SCHUBERT: String Quartet No. 13 in A Minor, D. 804 “Rosamunde”; Quartet-Movement in C Minor, D. 703; String Quartet No. 10 in E-flat Major, D. 87 – Belcea Quartet
EMI Classics 2 35737 2, 73:21 ****:
Several auditions of this fine Schubert chamber music album (rec. 8-12 July 2002) have written the sublime tones of the A Minor Quartet (1824) on my heart. Its uncanny opening Allegro non troppo brings out the mysticism and haunted sense of mortality that permeates much of this composer’s work. The second movement, of course, takes its theme from both the Impromptu in B-flat Major and the incidental music for Rosamunde that Schubert composed in 1823. Even the light-hearted Menuetto seems downcast and filled with tender consolations for dark thoughts. The finale alone, Allegro moderato, provides a source of optimism in an otherwise chthonian twilight. The recorded sound, besides being absolutely resonant in the upper strings, proves close enough to capture the breathing of several of the talented principals of this young, gifted ensemble, established in 1994.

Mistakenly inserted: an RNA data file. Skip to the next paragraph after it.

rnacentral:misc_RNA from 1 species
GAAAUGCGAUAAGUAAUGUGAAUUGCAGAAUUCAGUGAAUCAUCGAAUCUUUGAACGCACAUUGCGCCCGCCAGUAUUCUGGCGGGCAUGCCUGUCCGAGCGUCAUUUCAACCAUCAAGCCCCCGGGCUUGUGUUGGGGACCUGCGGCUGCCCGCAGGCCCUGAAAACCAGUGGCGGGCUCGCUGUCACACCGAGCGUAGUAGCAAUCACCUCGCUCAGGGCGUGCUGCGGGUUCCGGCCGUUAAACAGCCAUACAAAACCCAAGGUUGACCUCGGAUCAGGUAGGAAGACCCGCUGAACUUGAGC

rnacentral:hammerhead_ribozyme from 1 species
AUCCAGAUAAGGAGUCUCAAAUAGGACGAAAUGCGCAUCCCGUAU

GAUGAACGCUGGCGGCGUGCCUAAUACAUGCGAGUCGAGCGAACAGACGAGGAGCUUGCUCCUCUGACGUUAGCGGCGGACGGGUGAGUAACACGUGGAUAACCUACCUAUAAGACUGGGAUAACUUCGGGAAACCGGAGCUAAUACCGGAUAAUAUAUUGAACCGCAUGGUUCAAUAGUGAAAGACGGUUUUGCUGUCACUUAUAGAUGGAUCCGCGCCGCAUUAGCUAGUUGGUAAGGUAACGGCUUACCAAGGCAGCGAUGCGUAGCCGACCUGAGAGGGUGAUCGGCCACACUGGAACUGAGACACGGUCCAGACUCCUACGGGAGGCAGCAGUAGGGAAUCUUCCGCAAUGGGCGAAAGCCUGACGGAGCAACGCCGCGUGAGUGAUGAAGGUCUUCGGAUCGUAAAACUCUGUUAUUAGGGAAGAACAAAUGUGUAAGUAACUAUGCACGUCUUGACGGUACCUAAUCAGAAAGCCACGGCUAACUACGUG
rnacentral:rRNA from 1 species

The otherwise gloomy Quartet-movement in C Minor (1820) actually glows in luminous though feverish tones, courtesy of violins Corina Belcea-Fisher and Laura Samuel, and the morose but energetic cello of Alasdair Tait. From lyric outpouring to desperate shrieks in the windy darkness, the short moment of agonized ensemble embodies the Romantic Agony we find in contemporaries Coleridge and Poe. The E-flat Quartet (1813), composed when Schubert was sixteen, betrays Schubert’s inexperience only in that all four movements are in the same key. Several nods at Beethoven occur in the course of the first movement, the most momentous of the four and spaciously developed, especially in colloquys between the two violins. The Prestissimo Scherzo enjoys a whiplash approach, a frisky razor of sound with a moody trio section. If the Adagio looks to Schubert’s liturgical music, the Allegro finale illustrates Schubert’s fondness for opera buffa, especially Mozart, with aroused rocket figures and a concertante aria for the first violin. Charm, beauty, melancholy grace–is this not the Schubert we covet?